Caracas, December 29, 2023 (venezuelanalysis.com) – Venezuelan President Nicolás Maduro ordered large-scale military exercises around the disputed resource-rich Essequibo region following the arrival of a British warship to neighboring Guyana.
In a televised broadcast on Thursday, Maduro announced “a joint defensive action of the entire Bolivarian National Armed Forces (FANB)” along the eastern Caribbean coast and Atlantic front “in response to the provocation and threat of the United Kingdom against peace and the sovereignty of our country.”
According to the Venezuelan Defense Ministry, the operation will involve over 5,600 military personnel and will encompass patrolling land, air, and sea areas alongside the disputed Essequibo territory.
Maduro’s order came as Britain’s Defense Ministry announced Sunday it would send the Royal Navy patrol vessel HMS Trent to Guyana “as part of a series of engagements in the region during her Atlantic Patrol Task deployment.” An anonymous source told AFP the war vessel would arrive on December 29 but would not dock on Georgetown and would stay for less than a week for open sea defense exercises.
The Venezuelan leader went on to claim that Guyana’s acceptance of the British warship breached the Argyle Agreement signed on December 14 in Saint Vincent and the Grenadines, during his meeting with Guyana President Irfaan Ali.
In the “Joint Declaration of Argyle for Peace Between Guyana and Venezuela”, both presidents committed to avoid the use of force against the other, refrain from escalating the conflict and continue direct talks to resolve the Essequibo controversy under international law. A second meeting between Maduro and Ali will purportedly take place in Brazil within the next three months.
“The threat of the decadent, rotten, ex-empire of the United Kingdom is unacceptable,” said President Maduro during an event with Venezuelan military leaders from the Fuerte Tiuna military headquarters in Caracas.
In addition to the warship, UK Foreign Minister David Rutley visited Georgetown last week and pledged that London would work with partners “to ensure the territorial integrity of Guyana is upheld.” He also claimed that the Essequibo border was settled in 1899 when an arbitration panel granted the territory to the UK as Guyana’s former colonizer. The Caribbean nation gained independence in 1966.
In a communique issued on Thursday, Venezuela’s Foreign Ministry warned that the presence of the UK military vessel and British officials’ declarations was “extremely serious” since they followed threats of US military intervention. Earlier this month, the US Southern Command conducted joint military drills with the Guyanese Defense Forces, while US Department of Defense officials visited Guyana in November.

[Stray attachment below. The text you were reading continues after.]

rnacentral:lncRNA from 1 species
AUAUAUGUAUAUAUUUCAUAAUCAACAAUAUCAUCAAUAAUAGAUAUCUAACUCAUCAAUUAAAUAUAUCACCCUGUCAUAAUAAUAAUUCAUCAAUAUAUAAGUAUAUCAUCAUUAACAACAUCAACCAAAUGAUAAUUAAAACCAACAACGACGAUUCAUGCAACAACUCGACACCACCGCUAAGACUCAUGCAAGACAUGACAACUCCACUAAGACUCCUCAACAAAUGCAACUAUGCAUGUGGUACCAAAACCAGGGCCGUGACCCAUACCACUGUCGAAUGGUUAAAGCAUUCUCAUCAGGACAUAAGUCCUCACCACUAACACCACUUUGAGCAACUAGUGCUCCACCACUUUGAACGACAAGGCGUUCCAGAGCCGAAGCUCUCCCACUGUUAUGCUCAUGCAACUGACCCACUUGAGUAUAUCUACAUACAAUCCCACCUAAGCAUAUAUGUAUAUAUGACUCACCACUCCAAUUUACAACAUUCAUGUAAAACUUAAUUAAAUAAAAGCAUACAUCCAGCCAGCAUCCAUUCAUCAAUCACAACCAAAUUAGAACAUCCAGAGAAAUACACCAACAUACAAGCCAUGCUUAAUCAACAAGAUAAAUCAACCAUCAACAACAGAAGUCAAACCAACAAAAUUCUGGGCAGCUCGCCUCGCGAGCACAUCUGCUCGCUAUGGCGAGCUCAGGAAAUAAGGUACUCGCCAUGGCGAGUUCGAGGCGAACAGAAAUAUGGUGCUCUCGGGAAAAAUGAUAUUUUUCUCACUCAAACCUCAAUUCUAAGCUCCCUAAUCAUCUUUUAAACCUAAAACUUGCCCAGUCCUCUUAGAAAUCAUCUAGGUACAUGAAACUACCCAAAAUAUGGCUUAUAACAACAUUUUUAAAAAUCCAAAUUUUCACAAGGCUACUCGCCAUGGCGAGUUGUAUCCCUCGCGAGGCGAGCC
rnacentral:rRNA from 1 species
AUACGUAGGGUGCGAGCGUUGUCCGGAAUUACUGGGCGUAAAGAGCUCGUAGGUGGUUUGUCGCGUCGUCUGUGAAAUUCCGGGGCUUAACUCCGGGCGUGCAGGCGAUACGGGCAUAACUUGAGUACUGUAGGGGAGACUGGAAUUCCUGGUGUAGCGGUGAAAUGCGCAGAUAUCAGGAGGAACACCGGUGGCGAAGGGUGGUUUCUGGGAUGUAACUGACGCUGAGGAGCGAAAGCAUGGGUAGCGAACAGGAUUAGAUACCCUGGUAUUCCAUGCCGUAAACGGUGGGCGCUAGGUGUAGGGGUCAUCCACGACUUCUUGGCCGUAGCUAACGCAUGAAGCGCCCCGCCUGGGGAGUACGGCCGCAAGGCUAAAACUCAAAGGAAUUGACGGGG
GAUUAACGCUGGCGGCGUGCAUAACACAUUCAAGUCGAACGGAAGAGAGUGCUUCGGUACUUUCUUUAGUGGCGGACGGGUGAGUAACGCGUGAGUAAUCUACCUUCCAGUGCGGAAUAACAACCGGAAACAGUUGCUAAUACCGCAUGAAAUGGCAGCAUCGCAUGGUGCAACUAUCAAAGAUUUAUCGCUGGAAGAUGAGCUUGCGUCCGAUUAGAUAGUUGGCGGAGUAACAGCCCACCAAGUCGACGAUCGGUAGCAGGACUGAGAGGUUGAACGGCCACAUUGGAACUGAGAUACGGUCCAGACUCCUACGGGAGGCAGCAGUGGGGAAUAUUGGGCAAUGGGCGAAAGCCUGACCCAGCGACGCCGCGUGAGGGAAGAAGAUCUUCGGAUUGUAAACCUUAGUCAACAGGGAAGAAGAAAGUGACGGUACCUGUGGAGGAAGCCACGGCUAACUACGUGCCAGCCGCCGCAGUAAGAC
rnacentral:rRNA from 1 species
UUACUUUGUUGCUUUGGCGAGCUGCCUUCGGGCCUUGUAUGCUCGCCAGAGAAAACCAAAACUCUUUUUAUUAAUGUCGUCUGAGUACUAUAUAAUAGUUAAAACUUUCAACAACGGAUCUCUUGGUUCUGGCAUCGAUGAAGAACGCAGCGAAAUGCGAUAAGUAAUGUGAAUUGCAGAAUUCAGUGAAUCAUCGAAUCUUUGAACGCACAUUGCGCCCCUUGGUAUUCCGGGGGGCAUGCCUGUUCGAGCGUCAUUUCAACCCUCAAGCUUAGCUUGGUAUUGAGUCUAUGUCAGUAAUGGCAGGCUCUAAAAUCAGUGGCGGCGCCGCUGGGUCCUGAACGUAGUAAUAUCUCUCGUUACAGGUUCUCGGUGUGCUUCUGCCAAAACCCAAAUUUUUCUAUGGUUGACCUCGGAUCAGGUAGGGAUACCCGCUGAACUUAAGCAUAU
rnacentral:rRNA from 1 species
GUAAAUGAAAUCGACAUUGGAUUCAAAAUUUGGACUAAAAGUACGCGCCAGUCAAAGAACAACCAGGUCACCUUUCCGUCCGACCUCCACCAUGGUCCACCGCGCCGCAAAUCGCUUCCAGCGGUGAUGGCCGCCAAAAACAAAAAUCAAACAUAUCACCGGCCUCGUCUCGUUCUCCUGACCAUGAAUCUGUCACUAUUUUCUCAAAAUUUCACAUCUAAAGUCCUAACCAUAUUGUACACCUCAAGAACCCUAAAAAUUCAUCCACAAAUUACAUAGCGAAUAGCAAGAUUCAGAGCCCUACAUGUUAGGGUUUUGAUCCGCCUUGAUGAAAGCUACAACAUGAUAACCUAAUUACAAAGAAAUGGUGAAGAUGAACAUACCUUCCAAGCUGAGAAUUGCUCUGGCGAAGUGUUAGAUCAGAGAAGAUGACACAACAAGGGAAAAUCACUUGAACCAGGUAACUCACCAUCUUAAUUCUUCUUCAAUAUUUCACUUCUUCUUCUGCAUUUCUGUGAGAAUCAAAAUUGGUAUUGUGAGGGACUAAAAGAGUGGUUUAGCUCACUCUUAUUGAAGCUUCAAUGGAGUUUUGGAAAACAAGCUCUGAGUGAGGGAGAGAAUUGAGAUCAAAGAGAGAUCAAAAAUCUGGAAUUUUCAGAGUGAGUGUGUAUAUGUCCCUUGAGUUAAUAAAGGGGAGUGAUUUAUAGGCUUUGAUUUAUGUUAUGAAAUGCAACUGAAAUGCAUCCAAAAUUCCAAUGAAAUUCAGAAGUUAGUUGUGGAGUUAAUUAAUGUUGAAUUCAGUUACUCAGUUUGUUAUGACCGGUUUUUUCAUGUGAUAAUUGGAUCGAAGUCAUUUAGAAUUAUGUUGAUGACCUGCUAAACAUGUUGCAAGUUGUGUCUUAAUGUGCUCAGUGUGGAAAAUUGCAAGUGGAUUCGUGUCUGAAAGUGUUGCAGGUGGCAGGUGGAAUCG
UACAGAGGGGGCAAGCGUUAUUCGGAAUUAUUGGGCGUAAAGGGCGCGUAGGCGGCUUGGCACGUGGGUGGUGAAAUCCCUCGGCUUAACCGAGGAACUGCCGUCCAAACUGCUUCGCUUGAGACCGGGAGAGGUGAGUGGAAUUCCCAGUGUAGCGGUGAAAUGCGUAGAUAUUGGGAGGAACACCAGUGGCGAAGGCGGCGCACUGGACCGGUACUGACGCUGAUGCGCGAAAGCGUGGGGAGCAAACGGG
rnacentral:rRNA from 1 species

“Venezuela urges the Guyanese authorities to take immediate action for the withdrawal of the HMS Trent vessel and to refrain from continuing to involve military powers in the territorial dispute,” read the statement.
In response to Caracas’ calls for de-escalation, Guyana’s President Irfaan Ali commented on Thursday that Venezuela had “nothing to fear from activities within Guyana’s sovereign territory or waters.” He added that his administration is fully committed to peaceful relations with its neighbors.
Ali ratified that his country “has long been engaged in partnerships with regional and international states aimed at enhancing internal security,” but claimed that they pose no threat and are in no way intended to be aggressive towards another country.
On Friday, a UK government spokesperson reiterated its support for Guyana and said that Venezuela’s military drill was “unjustified.”
The two neighboring South American countries’ dispute over the 160,000 square kilometer Essequibo Strip dates back to the 19th century. Venezuela maintains that the territory has been part of the country since gaining independence from Spain in the early 1800s.
It rejects the 1899 ruling as a “fraud” due to the lack of Venezuelan representation as well as alleged evidence of collusion between the judges.
In February 1966, the United Kingdom and Venezuela reached the Geneva Agreement to work out a mutually satisfactory solution, with Guyana taking over the UK’s role after gaining independence months later. However, the controversy remained dormant with Caracas urging direct talks and Georgetown leaders arguing that there was no place for negotiations before the 1899 verdict was proven fraudulent in court..
The dispute flared up again in 2015 following the discovery of massive offshore oil deposits by US corporation ExxonMobil. Since then, Guyanese governments have proceeded with bidding processes for oil exploration in the Essequibo’s undefined territorial waters and in 2018 requested the International Court of Justice (ICJ) in The Hague to rule over the territorial dispute.
In contrast, Venezuela does not recognize the court’s jurisdiction and contends that the 1966 Agreement is the only binding instrument to solve the controversy. On December 3, Venezuelans overwhelmingly supported the country’s sovereignty claim over the Essequibo in a referendum. Since then, Maduro has ordered the creation of a new Venezuelan state called Guayana Esequiba as well as civil and military institutions for the disputed area.
Edited by Ricardo Vaz in Caracas.